by Byron Connolly

Visa fix won’t ease tech skills shortage: panel

May 11, 2018
Education IndustryGovernmentHealthcare Industry

The government’s 457 visa fix will not help the Australian tech industry effectively address the ongoing skills crisis, according to panelists at a recent CIO Australia breakfast event in Melbourne.

In March, the government said it would pilot a visa scheme to make it easier for big business and tech startups to hire overseas talent for highly skilled roles. It replaces the axed 457 visa program and enables bigger businesses to use the scheme to fill up to 20 positions with a minimum salary of $180,000 per year with foreign candidates expected to pass on their skills to Australian colleagues. Under the pilot, startups can employ five positions per year through the scheme, which must pay more than $53,900.

“People like to work in inclusive teams and with people who have global experience so they can learn from each other and we can’t take that away,” said Bridget Gray, managing director at global recruiter, Harvey Nash.

“I think we were moving towards borderless talent and global mindsets and I don’t think these [recent visa] changes do help at all,” Gray said. “Ihave some fascinating discussions with people making these types of decisions and they don’t understand the problem; it’s not broad-based, there are people that do, but it’s worrying. I don’t think we thought about it enough before we made the change, there wasn’t enough discussion or lobbying.”

Sportsbet’s parent company, Paddy Power Betfair, is based in Ireland and the company gets access to tech staff from Ireland and the UK, said Michael Foster, the gambling company’s general manager, enterprise technology.

“They bring a wealth of knowledge and capability into our organisation; people like working with them and it creates a fantastic amount of diversity within the organisation. It’s a real shame that we do anything that puts that at risk, so we definitely need to work out what the right solution is to enable people to come into our country and work with us,” said Foster.

“If we want to actually create more opportunity for people to develop skills and work in the tech industry, we have to create this ability to foster organisations to grow and grow rapidly. Limiting the pool of people we have access to does create the risk that we can’t start up organisations in Australia. Anything that we can do that helps us bring the right talent into our country is important,” he said.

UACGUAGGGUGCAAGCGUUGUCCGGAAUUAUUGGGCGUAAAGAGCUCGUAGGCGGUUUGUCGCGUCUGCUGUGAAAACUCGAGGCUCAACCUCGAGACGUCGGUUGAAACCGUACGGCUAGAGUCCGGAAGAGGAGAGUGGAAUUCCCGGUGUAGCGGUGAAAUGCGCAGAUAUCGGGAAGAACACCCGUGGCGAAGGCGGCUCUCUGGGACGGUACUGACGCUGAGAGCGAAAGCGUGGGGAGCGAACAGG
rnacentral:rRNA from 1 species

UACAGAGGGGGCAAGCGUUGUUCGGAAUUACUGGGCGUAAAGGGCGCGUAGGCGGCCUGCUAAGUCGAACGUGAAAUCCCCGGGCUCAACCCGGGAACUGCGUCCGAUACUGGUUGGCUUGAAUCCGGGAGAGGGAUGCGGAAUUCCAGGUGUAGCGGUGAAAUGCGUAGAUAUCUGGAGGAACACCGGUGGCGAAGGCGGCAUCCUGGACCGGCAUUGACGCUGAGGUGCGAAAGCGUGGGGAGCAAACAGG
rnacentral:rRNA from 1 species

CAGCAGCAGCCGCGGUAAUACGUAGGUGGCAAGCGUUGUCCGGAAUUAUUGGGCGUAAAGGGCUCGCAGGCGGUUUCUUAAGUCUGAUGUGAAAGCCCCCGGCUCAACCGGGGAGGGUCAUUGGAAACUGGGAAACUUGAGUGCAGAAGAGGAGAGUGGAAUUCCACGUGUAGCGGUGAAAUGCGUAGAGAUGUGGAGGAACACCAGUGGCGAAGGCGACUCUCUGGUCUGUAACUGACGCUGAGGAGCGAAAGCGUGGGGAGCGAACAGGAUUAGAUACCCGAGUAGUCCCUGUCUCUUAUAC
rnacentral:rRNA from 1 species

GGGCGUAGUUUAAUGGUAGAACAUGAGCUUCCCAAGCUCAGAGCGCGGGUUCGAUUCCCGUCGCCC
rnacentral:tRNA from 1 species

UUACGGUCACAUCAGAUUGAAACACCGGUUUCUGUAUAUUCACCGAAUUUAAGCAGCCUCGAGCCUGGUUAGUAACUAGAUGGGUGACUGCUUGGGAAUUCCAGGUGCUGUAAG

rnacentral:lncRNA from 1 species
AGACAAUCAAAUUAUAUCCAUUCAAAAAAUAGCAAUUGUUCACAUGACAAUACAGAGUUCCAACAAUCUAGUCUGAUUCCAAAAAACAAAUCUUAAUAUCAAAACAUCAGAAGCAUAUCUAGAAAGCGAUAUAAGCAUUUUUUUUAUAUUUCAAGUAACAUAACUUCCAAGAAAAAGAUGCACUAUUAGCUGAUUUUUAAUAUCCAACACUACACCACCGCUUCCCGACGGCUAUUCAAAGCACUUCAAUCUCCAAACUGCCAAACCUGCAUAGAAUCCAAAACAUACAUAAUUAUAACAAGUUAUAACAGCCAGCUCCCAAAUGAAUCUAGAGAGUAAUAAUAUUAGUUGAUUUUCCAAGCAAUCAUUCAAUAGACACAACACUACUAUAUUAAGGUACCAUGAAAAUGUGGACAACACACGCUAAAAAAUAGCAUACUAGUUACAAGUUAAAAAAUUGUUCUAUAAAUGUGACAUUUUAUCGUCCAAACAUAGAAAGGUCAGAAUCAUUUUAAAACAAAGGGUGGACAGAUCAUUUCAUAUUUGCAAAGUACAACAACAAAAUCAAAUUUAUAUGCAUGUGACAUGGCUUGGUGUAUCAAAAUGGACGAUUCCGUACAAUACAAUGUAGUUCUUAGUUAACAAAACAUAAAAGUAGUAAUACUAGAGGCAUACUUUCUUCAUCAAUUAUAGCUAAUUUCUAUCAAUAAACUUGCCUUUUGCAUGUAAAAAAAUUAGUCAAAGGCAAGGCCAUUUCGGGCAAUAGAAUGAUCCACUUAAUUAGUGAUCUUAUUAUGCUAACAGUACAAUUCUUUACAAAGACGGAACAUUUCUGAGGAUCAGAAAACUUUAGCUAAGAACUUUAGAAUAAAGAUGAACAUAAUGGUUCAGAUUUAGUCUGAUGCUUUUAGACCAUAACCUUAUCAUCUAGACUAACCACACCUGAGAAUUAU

Andrew Buckley, head of training and certification APAC Japan at Amazon Web Services, makes the point that he came to Australia from Ireland on a 457 visa and he “probably would not be here” if he tried to emigrate after the visa was axed.

“I think it certainly is a challenge and the new scheme from what I remember is only going to be trialled for a year and then they will look at some of the lessons and learnings on that and that in itself means that it’s a band-aid,” he said.

Brain drain

Sportbet’s Foster told the audience that people have moved to Silicon Valley because they feel it’s ‘the land of opportunity’ for a start up organisation.

“Organisations that are starting up overseas typically get better access to start up funding or support or they are structured better to enable people to take a vested part of that organisation. So there is opportunity for us to do a better job of creating and environment here where they can take those opportunities,” Foster said.

“There is still a bit of a brain drain going on but we have an opportunity to correct it ourselves.”

A strong economy and less political uncertainty in Australia – compared to other countries – has worked in our favour to ‘temper’ the brain drain, said Harvey Nash’s Gray.

“Iwas certainly seeing a lot of top talent going to Silicon Valley. It’s still happening but I do think it has been tempered a little bit.”

AWS’ Buckley points out that Silicon Valley will always be a hub due to the level of VC funding that is available there for start ups.

“But I do think we need to make it a lot easier for start up talent to stay here through funding, through the infrastructure and skills that we have. The more people that do leave and feel that we can’t bring in that talent – that’s just going toexacerbate the problem.”

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